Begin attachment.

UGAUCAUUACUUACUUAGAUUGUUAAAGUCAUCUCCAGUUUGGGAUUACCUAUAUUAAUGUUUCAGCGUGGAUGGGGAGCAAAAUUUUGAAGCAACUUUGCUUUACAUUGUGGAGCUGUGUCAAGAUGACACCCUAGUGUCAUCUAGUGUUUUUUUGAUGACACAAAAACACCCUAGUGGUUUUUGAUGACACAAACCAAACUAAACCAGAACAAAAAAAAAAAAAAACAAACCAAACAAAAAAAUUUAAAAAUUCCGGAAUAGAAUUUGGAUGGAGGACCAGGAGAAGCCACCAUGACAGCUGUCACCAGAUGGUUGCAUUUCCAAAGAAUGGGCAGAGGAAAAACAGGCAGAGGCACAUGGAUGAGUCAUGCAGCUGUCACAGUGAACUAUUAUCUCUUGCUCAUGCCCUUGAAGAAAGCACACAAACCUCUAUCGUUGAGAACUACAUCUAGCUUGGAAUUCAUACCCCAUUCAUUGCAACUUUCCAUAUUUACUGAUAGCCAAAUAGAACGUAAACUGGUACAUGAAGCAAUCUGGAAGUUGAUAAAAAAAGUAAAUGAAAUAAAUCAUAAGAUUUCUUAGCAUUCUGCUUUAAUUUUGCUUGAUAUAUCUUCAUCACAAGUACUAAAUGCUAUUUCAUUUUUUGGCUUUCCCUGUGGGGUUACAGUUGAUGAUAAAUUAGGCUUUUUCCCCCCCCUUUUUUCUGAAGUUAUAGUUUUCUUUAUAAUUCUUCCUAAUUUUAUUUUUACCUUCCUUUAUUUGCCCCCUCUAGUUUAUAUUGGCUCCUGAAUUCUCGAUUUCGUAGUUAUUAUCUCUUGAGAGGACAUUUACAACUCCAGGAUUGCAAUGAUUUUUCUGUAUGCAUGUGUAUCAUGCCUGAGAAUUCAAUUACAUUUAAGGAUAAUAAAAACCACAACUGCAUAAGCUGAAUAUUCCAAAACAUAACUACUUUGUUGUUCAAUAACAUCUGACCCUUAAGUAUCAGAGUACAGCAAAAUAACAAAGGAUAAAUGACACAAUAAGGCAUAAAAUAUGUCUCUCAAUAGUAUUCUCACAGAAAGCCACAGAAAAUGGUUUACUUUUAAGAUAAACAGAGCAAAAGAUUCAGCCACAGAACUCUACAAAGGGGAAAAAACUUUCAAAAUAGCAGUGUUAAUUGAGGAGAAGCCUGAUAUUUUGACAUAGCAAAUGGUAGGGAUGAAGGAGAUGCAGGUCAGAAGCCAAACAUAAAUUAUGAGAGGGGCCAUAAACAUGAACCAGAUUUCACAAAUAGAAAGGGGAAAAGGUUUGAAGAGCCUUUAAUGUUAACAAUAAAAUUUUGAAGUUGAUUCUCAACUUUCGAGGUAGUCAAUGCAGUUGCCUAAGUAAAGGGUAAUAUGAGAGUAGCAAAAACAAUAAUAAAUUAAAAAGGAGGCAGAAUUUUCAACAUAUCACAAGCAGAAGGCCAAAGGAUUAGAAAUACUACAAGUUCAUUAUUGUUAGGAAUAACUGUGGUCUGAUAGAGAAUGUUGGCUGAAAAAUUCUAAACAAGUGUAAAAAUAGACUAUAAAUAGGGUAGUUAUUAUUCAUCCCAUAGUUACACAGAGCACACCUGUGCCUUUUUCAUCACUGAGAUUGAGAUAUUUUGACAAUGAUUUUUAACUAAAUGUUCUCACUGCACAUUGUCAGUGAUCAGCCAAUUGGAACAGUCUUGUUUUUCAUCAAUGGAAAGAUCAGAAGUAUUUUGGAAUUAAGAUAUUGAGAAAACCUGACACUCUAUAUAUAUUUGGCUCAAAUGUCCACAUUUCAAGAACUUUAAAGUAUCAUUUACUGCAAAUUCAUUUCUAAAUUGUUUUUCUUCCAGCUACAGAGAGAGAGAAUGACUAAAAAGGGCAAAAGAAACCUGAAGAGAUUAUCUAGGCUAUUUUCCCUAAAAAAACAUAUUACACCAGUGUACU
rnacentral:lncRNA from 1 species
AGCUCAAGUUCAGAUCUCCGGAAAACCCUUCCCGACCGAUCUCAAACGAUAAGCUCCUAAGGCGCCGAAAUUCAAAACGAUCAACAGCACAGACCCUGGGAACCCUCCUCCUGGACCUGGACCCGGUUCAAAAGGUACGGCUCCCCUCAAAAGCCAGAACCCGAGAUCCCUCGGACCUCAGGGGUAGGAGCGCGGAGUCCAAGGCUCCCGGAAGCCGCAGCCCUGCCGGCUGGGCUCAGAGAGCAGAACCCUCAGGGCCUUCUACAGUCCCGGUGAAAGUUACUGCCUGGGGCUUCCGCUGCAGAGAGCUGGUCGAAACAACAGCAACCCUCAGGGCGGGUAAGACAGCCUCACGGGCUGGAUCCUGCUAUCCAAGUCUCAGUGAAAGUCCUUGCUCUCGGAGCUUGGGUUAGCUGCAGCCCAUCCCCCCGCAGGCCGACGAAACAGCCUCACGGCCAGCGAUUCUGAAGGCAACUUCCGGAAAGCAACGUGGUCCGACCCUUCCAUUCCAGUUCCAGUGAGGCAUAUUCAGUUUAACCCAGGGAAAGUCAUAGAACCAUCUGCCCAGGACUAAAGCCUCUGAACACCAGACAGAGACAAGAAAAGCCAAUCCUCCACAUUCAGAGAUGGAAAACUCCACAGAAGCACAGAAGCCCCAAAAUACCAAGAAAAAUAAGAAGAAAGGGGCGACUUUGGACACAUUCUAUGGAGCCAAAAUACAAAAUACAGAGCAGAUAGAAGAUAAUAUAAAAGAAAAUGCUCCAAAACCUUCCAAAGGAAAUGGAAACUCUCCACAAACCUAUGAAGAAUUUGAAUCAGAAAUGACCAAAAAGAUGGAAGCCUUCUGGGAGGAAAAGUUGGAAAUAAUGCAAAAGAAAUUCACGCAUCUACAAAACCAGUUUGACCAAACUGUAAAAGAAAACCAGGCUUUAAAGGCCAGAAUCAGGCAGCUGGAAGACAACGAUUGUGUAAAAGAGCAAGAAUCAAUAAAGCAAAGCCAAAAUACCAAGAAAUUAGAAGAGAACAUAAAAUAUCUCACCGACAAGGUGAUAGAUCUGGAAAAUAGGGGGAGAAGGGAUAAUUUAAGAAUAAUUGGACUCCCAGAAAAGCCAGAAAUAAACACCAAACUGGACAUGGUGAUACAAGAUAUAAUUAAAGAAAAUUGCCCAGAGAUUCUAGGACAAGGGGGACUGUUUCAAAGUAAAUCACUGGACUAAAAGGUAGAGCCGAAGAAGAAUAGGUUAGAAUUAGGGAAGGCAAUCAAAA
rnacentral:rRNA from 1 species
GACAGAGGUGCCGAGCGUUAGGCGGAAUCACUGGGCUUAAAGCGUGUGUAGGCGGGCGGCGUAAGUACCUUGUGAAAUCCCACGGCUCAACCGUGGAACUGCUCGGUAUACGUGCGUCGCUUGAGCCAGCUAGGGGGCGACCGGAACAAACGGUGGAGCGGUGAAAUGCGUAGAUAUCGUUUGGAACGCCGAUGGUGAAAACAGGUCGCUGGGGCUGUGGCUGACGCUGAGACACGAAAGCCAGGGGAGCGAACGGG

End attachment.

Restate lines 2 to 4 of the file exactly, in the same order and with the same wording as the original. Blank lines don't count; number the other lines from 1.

rnacentral:lncRNA from 1 species
AGCUCAAGUUCAGAUCUCCGGAAAACCCUUCCCGACCGAUCUCAAACGAUAAGCUCCUAAGGCGCCGAAAUUCAAAACGAUCAACAGCACAGACCCUGGGAACCCUCCUCCUGGACCUGGACCCGGUUCAAAAGGUACGGCUCCCCUCAAAAGCCAGAACCCGAGAUCCCUCGGACCUCAGGGGUAGGAGCGCGGAGUCCAAGGCUCCCGGAAGCCGCAGCCCUGCCGGCUGGGCUCAGAGAGCAGAACCCUCAGGGCCUUCUACAGUCCCGGUGAAAGUUACUGCCUGGGGCUUCCGCUGCAGAGAGCUGGUCGAAACAACAGCAACCCUCAGGGCGGGUAAGACAGCCUCACGGGCUGGAUCCUGCUAUCCAAGUCUCAGUGAAAGUCCUUGCUCUCGGAGCUUGGGUUAGCUGCAGCCCAUCCCCCCGCAGGCCGACGAAACAGCCUCACGGCCAGCGAUUCUGAAGGCAACUUCCGGAAAGCAACGUGGUCCGACCCUUCCAUUCCAGUUCCAGUGAGGCAUAUUCAGUUUAACCCAGGGAAAGUCAUAGAACCAUCUGCCCAGGACUAAAGCCUCUGAACACCAGACAGAGACAAGAAAAGCCAAUCCUCCACAUUCAGAGAUGGAAAACUCCACAGAAGCACAGAAGCCCCAAAAUACCAAGAAAAAUAAGAAGAAAGGGGCGACUUUGGACACAUUCUAUGGAGCCAAAAUACAAAAUACAGAGCAGAUAGAAGAUAAUAUAAAAGAAAAUGCUCCAAAACCUUCCAAAGGAAAUGGAAACUCUCCACAAACCUAUGAAGAAUUUGAAUCAGAAAUGACCAAAAAGAUGGAAGCCUUCUGGGAGGAAAAGUUGGAAAUAAUGCAAAAGAAAUUCACGCAUCUACAAAACCAGUUUGACCAAACUGUAAAAGAAAACCAGGCUUUAAAGGCCAGAAUCAGGCAGCUGGAAGACAACGAUUGUGUAAAAGAGCAAGAAUCAAUAAAGCAAAGCCAAAAUACCAAGAAAUUAGAAGAGAACAUAAAAUAUCUCACCGACAAGGUGAUAGAUCUGGAAAAUAGGGGGAGAAGGGAUAAUUUAAGAAUAAUUGGACUCCCAGAAAAGCCAGAAAUAAACACCAAACUGGACAUGGUGAUACAAGAUAUAAUUAAAGAAAAUUGCCCAGAGAUUCUAGGACAAGGGGGACUGUUUCAAAGUAAAUCACUGGACUAAAAGGUAGAGCCGAAGAAGAAUAGGUUAGAAUUAGGGAAGGCAAUCAAAA
rnacentral:rRNA from 1 species